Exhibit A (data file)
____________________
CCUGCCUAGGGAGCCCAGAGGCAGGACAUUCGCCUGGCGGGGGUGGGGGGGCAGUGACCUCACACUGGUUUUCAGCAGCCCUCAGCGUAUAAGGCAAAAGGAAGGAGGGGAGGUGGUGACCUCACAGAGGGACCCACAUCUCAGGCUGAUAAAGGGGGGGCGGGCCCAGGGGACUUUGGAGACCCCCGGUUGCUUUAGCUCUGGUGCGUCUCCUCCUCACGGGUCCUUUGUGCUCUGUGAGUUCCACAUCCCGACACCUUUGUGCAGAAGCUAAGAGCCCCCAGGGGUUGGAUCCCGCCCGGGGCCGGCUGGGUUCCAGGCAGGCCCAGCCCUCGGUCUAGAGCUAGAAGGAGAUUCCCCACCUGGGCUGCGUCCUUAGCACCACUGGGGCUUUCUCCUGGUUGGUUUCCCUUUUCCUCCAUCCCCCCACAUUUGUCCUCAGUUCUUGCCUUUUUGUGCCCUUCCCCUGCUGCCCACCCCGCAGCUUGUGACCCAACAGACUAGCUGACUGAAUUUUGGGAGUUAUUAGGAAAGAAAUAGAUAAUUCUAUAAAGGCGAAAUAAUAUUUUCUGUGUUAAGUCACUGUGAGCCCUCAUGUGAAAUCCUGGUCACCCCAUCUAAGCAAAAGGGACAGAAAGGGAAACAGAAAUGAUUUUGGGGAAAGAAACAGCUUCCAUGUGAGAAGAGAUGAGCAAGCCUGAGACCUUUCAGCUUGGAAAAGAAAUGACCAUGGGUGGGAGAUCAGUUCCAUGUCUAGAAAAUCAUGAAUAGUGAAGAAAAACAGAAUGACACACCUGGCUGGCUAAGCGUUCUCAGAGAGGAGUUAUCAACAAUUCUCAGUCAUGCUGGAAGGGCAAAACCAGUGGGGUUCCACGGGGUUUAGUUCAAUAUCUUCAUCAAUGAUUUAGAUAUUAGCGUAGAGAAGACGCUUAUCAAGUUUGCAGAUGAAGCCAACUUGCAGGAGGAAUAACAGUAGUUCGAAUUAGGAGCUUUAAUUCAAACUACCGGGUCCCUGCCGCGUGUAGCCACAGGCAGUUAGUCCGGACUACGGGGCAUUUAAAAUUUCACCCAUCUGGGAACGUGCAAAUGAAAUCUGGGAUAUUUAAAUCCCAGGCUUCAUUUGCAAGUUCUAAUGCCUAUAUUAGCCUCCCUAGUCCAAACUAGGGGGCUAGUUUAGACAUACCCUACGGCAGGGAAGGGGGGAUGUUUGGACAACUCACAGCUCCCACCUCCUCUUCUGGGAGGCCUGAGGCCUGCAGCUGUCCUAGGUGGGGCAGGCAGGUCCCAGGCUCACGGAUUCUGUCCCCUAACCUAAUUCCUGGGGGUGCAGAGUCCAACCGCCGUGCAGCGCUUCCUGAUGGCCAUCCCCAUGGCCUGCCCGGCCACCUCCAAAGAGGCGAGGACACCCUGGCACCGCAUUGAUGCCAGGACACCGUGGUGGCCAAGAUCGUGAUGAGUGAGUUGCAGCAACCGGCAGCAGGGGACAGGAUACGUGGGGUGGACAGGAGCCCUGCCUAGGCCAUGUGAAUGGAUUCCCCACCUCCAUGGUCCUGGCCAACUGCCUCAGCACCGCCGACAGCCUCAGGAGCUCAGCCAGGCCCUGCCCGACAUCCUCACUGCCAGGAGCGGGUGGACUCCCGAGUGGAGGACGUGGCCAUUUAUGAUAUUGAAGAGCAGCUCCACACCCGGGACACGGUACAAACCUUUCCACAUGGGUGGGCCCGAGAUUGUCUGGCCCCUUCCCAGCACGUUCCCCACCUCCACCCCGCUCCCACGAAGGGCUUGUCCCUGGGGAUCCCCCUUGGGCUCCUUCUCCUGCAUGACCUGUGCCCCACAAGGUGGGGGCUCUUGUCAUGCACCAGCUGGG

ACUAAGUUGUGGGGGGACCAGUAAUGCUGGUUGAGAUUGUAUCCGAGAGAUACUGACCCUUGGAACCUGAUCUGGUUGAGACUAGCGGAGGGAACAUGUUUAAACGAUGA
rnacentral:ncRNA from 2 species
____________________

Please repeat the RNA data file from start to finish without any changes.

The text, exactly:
CCUGCCUAGGGAGCCCAGAGGCAGGACAUUCGCCUGGCGGGGGUGGGGGGGCAGUGACCUCACACUGGUUUUCAGCAGCCCUCAGCGUAUAAGGCAAAAGGAAGGAGGGGAGGUGGUGACCUCACAGAGGGACCCACAUCUCAGGCUGAUAAAGGGGGGGCGGGCCCAGGGGACUUUGGAGACCCCCGGUUGCUUUAGCUCUGGUGCGUCUCCUCCUCACGGGUCCUUUGUGCUCUGUGAGUUCCACAUCCCGACACCUUUGUGCAGAAGCUAAGAGCCCCCAGGGGUUGGAUCCCGCCCGGGGCCGGCUGGGUUCCAGGCAGGCCCAGCCCUCGGUCUAGAGCUAGAAGGAGAUUCCCCACCUGGGCUGCGUCCUUAGCACCACUGGGGCUUUCUCCUGGUUGGUUUCCCUUUUCCUCCAUCCCCCCACAUUUGUCCUCAGUUCUUGCCUUUUUGUGCCCUUCCCCUGCUGCCCACCCCGCAGCUUGUGACCCAACAGACUAGCUGACUGAAUUUUGGGAGUUAUUAGGAAAGAAAUAGAUAAUUCUAUAAAGGCGAAAUAAUAUUUUCUGUGUUAAGUCACUGUGAGCCCUCAUGUGAAAUCCUGGUCACCCCAUCUAAGCAAAAGGGACAGAAAGGGAAACAGAAAUGAUUUUGGGGAAAGAAACAGCUUCCAUGUGAGAAGAGAUGAGCAAGCCUGAGACCUUUCAGCUUGGAAAAGAAAUGACCAUGGGUGGGAGAUCAGUUCCAUGUCUAGAAAAUCAUGAAUAGUGAAGAAAAACAGAAUGACACACCUGGCUGGCUAAGCGUUCUCAGAGAGGAGUUAUCAACAAUUCUCAGUCAUGCUGGAAGGGCAAAACCAGUGGGGUUCCACGGGGUUUAGUUCAAUAUCUUCAUCAAUGAUUUAGAUAUUAGCGUAGAGAAGACGCUUAUCAAGUUUGCAGAUGAAGCCAACUUGCAGGAGGAAUAACAGUAGUUCGAAUUAGGAGCUUUAAUUCAAACUACCGGGUCCCUGCCGCGUGUAGCCACAGGCAGUUAGUCCGGACUACGGGGCAUUUAAAAUUUCACCCAUCUGGGAACGUGCAAAUGAAAUCUGGGAUAUUUAAAUCCCAGGCUUCAUUUGCAAGUUCUAAUGCCUAUAUUAGCCUCCCUAGUCCAAACUAGGGGGCUAGUUUAGACAUACCCUACGGCAGGGAAGGGGGGAUGUUUGGACAACUCACAGCUCCCACCUCCUCUUCUGGGAGGCCUGAGGCCUGCAGCUGUCCUAGGUGGGGCAGGCAGGUCCCAGGCUCACGGAUUCUGUCCCCUAACCUAAUUCCUGGGGGUGCAGAGUCCAACCGCCGUGCAGCGCUUCCUGAUGGCCAUCCCCAUGGCCUGCCCGGCCACCUCCAAAGAGGCGAGGACACCCUGGCACCGCAUUGAUGCCAGGACACCGUGGUGGCCAAGAUCGUGAUGAGUGAGUUGCAGCAACCGGCAGCAGGGGACAGGAUACGUGGGGUGGACAGGAGCCCUGCCUAGGCCAUGUGAAUGGAUUCCCCACCUCCAUGGUCCUGGCCAACUGCCUCAGCACCGCCGACAGCCUCAGGAGCUCAGCCAGGCCCUGCCCGACAUCCUCACUGCCAGGAGCGGGUGGACUCCCGAGUGGAGGACGUGGCCAUUUAUGAUAUUGAAGAGCAGCUCCACACCCGGGACACGGUACAAACCUUUCCACAUGGGUGGGCCCGAGAUUGUCUGGCCCCUUCCCAGCACGUUCCCCACCUCCACCCCGCUCCCACGAAGGGCUUGUCCCUGGGGAUCCCCCUUGGGCUCCUUCUCCUGCAUGACCUGUGCCCCACAAGGUGGGGGCUCUUGUCAUGCACCAGCUGGG

ACUAAGUUGUGGGGGGACCAGUAAUGCUGGUUGAGAUUGUAUCCGAGAGAUACUGACCCUUGGAACCUGAUCUGGUUGAGACUAGCGGAGGGAACAUGUUUAAACGAUGA
rnacentral:ncRNA from 2 species